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Kelly Spencer's Blog

 

Mr. Hutton on respect

Published: February 11, 2009 4:19 pm ET

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If you think the current racing industry has nothing to learn from Mr. Hutton’s Grade 5 class, think again. We may be more sophisticated than his awkward pre-teens, but even the most vicious schoolyard bully pales in comparison to the way we treat one another sometimes.

Mr. Hutton was a renegade teacher. He was flamboyant and creative and his tactics were unconventional for a tiny rural school. He was a gay author who moonlighted as a ventriloquist and magician, and although he once made me chew a piece of someone else’s chewed gum, I thought he was really, really groovy.

About halfway through the school year, the class dynamic became intolerable. There were a few incorrigible clowns, a few brutal bullies, and a few pansies that were violently consumed by the bullies every day. The rest of us suffered in the crossfire.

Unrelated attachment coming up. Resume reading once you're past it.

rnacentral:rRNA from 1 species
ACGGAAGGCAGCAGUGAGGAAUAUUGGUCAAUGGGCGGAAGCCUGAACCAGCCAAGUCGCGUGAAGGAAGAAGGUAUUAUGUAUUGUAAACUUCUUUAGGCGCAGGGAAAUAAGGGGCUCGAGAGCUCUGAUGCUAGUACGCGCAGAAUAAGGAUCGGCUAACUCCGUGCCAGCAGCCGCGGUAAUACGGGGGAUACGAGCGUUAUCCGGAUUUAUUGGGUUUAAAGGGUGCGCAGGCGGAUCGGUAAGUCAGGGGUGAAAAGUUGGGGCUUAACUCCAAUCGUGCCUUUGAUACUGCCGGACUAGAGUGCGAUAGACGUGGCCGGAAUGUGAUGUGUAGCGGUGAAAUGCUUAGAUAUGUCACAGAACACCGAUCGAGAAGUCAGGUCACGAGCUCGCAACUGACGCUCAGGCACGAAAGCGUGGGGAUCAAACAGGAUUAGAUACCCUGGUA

The culture within the classroom was stifling and Mr. Hutton was fed up.

When all traditional fixes failed to make the space tolerable for everyone, he tried something drastic and spent the entirety of one winter day teaching us about respect.

For six hours, he lectured about real-world instances where a rampant lack of respect resulted in catastrophe. Then, he made us stick notes to one another’s backs. On each note, we wrote a single word or sentence detailing what we respected about one another. The result was a stack of 30 notes per child with scribbles ranging from, “pretty hair” to “kind and smart”. More than two decades later, I still have my 30 notes.

Think about the kids in this classroom: drivers, trainers, caretakers, breeders, owners, track operators, racetrack executives, fans, regulators, etc. Think of how we treat one another, and ask yourself how much respect is demonstrated on a daily basis.

Can you muster any kind words to scribble on a note to stick to the backs of ALL of them?


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